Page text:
Though the final version of the Servicer Safe Harbor is watered-down from the original version proposed in the House, the legislation still operates to undermine bondholders’ contract rights and relieve from liability the very entities which were often responsible for creating these distressed loans. The final version of the Section 201(b) Servicer Safe Harbor stipulates that, “[n]otwithstanding any other provision of law, whenever a servicer of residential mortgages agrees to enter into a qualified loss mitigation plan” and “reasonably determine[s]” that such workout will benefit investors and interested parties on the whole, that servicer “shall not be subject to any injunction, stay, or other equitable relief to such [interested] party, based solely upon the implementation by the servicer of a qualified loss mitigation plan.” The “Rule of Construction” of Section 201(b) further provides that servicers would still be liable for “actual fraud in the origination or servicing of a loan or in the implementation of a qualified loss mitigation plan, or for the violation of a State or Federal law, including laws regulating the origination of mortgage loans, commonly referred to as predatory lending laws.”
Part V – Will Servicers Be Let Off the Hook?
So what does this bill mean for Frey’s suit and investment in mortgage-backed securities in general? In a conversation with Frey over lunch in New York last month, Frey told me that “the lawsuit is not dead—we believe we can still pursue our contract rights.” Frey bases this belief on the fact that legislators removed the phrase “notwithstanding any investment contract between a servicer and a securitization vehicle or investor” from the preamble to the House version of Section 201, leaving only the phrase “[n]otwithstanding any other provision of law.” Frey interprets this to mean that the Servicer Safe Harbor cannot operate to abrogate contract rights. While Frey is correct that the final Servicer Safe Harbor does not provide servicers the sweeping relief from liability featured in the original version in the House, it certainly muddies the waters. The absence of a specific provision allowing servicers to disregard contract rights is not nearly as strong for Frey as a provision explicitly protecting those rights would have been, and it sounds like an uphill fight to convince any court that, based on the bill’s legislative history, this federal legislation should not be interpreted to trump private contracts.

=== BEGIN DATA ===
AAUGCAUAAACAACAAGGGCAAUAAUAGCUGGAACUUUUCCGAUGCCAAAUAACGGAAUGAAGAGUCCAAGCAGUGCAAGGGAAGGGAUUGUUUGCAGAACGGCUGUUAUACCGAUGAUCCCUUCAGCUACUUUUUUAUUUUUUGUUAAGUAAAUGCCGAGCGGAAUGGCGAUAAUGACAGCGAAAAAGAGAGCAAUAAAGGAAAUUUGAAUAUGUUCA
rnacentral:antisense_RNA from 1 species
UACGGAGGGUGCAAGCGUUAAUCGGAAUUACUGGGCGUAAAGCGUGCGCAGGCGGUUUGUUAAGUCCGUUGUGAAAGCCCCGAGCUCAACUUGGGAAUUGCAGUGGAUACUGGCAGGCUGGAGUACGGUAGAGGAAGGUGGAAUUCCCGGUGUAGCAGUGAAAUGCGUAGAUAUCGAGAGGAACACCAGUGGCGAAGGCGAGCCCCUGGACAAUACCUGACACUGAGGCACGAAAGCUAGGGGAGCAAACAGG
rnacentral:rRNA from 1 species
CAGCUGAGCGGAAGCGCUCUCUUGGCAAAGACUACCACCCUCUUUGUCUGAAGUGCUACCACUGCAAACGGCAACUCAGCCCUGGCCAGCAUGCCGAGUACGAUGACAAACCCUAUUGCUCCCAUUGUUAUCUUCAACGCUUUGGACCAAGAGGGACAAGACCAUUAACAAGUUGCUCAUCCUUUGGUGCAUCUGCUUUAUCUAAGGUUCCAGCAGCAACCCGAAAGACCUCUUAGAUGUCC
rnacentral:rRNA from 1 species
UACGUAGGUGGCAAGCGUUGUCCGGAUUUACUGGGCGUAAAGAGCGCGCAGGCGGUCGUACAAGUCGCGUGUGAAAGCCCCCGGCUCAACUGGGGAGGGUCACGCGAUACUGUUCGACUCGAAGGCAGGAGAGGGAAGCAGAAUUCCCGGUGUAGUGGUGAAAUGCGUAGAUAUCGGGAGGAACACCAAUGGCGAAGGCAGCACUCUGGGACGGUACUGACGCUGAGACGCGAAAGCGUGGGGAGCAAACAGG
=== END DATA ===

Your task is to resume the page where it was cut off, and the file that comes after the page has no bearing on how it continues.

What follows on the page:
If the bill is indeed interpreted to bar investors from insisting upon the repurchase of loans modified by servicers, investors could still attempt to force repurchase by arguing that servicers are not acting within the terms of the Servicer Safe Harbor. One potential avenue of relief could be the provision of Section 201(b) requiring servicers to modify only when they have determined that such workout would “likely provide an anticipated recovery on the outstanding principal mortgage debt that will exceed the anticipated recovery through foreclosures.” The question is whether investors can force servicers to repurchase loans they modify without showing that the expected net present value (NPV) from modification exceeds the expected NPV from foreclosure. The bill seems to allow servicers to "reasonably determine" on their own when the anticipated recovery from modification will "likely" exceed the anticipated recovery from foreclosure, irrespective of any NPV analysis. This creates a serious conflict of interest due to servicers’ considerable holdings in second-lien mortgage loans that they would otherwise have to modify before the first liens held by investors, and courts may force servicers to take investors’ interests into account to the same degree as their own.